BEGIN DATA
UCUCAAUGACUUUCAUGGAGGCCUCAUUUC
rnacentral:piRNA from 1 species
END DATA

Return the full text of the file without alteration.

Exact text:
UCUCAAUGACUUUCAUGGAGGCCUCAUUUC
rnacentral:piRNA from 1 species